Haywards Heath stands together to remember and ‘bring peace and harmony’ on Holocaust Memorial Day
To mark Holocaust Memorial Day on Monday, Amnesty International and Haywards Heath Town Council held a remembrance service at Muster Green in Haywards Heath.
Town mayor Alastair McPherson led a procession of local school children from Haywards Heath Town Hall to the war memorial for the service.
Members of the Jewish, Muslim and Christian communities were present, and the public marked the Holocaust with prayers, hymns, readings and poetry.
Mr McPherson said: “It is my pleasure to welcome you all to this ceremony to commemorate the victims of the Holocaust as well as those who have died in the genocides suffered by men, women and children throughout the world.
“It is a privilege for us to be joined today by young people from our local schools because it allows us to fulfil our solemn duty of passing on to them a part of history which demands to be remembered.”
The theme of the service was ‘Standing Together’, and the service was to remember all victims of the Holocaust, and those killed in other genocides.
At the start of the service, young people from Warden Park and Oathall stood with Irene Balls, chairman of the Haywards Heath branch of Amnesty International, to read part of the Stockholm Declaration.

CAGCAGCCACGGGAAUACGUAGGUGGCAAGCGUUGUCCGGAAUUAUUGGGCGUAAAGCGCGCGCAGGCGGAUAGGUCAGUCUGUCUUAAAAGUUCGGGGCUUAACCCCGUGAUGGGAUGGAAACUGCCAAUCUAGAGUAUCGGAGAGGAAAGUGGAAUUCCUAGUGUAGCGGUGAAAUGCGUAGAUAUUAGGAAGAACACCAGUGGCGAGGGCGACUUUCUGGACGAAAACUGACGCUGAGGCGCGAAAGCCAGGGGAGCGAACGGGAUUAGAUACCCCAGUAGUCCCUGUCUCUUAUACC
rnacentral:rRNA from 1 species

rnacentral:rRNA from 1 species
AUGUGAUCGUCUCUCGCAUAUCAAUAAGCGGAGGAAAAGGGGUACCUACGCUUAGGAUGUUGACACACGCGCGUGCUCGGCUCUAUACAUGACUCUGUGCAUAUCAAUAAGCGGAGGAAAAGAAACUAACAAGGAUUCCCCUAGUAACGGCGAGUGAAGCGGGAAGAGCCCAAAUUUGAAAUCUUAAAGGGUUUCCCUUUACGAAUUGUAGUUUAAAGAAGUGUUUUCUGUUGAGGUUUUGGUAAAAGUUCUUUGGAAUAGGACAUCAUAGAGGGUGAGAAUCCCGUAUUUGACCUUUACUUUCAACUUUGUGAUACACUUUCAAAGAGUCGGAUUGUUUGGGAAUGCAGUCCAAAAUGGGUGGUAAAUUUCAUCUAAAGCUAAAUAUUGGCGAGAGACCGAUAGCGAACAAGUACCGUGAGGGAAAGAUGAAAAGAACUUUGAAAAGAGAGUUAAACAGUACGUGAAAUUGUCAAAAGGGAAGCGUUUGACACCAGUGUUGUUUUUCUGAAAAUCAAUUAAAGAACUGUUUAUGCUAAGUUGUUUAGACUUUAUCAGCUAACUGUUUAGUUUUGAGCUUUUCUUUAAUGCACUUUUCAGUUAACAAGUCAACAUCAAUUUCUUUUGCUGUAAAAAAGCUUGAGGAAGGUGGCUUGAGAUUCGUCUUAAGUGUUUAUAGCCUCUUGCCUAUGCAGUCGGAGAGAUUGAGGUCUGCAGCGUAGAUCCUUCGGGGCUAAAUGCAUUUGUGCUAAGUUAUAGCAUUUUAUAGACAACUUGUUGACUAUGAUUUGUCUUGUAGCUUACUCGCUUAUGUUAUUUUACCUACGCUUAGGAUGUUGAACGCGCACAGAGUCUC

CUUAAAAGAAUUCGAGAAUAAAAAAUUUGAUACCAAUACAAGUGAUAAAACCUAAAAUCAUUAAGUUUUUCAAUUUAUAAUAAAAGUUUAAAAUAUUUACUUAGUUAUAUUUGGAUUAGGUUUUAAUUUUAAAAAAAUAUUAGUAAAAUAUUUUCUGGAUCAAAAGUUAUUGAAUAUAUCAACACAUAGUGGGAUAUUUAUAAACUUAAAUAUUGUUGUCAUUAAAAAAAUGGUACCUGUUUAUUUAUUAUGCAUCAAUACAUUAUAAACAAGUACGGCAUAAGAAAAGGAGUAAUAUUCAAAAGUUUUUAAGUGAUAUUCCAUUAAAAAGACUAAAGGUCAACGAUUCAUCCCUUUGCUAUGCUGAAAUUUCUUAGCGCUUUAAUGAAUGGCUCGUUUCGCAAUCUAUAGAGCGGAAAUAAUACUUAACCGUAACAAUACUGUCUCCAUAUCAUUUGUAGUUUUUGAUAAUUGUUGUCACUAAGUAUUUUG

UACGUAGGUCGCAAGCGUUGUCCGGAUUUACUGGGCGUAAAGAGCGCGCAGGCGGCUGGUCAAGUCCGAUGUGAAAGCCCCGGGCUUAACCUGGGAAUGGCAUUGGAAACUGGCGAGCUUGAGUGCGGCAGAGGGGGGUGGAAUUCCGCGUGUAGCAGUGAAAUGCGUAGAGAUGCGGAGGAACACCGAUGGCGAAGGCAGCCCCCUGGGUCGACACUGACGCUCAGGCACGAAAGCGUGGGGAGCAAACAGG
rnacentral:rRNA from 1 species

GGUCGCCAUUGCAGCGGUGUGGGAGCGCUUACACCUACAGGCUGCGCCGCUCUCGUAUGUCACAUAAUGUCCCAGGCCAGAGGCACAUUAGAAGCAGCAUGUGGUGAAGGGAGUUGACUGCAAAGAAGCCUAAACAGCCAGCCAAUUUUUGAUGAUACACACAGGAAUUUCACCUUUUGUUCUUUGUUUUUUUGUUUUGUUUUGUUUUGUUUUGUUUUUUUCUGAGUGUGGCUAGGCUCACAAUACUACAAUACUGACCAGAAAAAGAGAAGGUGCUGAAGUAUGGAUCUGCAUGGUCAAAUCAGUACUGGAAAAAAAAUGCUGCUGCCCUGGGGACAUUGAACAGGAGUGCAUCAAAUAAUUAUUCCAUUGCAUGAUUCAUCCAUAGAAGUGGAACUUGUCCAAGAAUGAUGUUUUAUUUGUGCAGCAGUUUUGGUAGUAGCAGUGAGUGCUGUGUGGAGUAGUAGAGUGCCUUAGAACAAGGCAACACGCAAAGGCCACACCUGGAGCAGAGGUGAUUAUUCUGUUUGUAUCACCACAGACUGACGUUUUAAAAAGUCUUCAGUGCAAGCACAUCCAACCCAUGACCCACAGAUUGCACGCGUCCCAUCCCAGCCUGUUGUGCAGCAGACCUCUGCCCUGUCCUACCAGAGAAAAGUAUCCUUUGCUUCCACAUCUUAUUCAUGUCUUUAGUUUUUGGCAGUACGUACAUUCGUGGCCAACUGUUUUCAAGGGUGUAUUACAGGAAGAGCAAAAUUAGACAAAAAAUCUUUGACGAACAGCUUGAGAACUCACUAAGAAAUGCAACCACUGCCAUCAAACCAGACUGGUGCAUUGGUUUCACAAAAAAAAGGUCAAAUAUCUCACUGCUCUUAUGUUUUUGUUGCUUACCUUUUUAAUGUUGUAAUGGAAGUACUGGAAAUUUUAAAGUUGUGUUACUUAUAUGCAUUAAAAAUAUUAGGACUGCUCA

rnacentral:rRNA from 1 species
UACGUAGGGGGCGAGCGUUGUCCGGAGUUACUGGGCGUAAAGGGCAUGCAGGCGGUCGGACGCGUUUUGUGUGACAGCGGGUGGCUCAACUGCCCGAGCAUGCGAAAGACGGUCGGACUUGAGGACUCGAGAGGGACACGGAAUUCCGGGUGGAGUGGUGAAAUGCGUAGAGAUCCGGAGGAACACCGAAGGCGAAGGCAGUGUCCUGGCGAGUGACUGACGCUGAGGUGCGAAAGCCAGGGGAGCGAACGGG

Mrs Balls said: “The unprecedented character of the Holocaust will always hold universal meaning.
“After so many years, it remains an event close enough in time that survivors can still bear witness to the horrors that engulfed the Jewish people.”
Reverend Deacon David Turner read the story of Father Maximillian Kolbe who was martyred at Auschwitz after volunteering to die in the place of Franciszek Gakowniczek, and ‘Shalom My Friend’ was sung.
Prayers and religious readings were read by Father Ray Smith, and Rabbi Andreaz read the Kadish.
Mr McPherson said: “We will make a commitment during this service to work for all that makes for peace.
“Peace is not just the absence of war. Peace exists when we respect all humankind and not just those living within our borders.
“Peace can begin here today in each one of us no matter what our age, faith, political viewpoint, gender, colour or sexuality.
“That peace can begin when we show respect by allowing each other the space to be who we are.
“Let us today promise we shall do just that so that we can live in a society where all can flourish, grow and feel respected and honoured.
“Never let the part of history we remember today ever be repeated.”
Children brought the mayor, the rural dean of Uckfield and the Rabbi the candle of peace.
They said: “We the young of this community call on you, our spiritual and civic leaders to promise us that you will always work for the common good, the peace of the world and for the acceptance of all no matter their race, creed, colour, gender or sexuality.
“We invite you to light this candle in the hope that its light will shine in all our hearts and minds.
“Let us stand together to bring peace and harmony on our world.”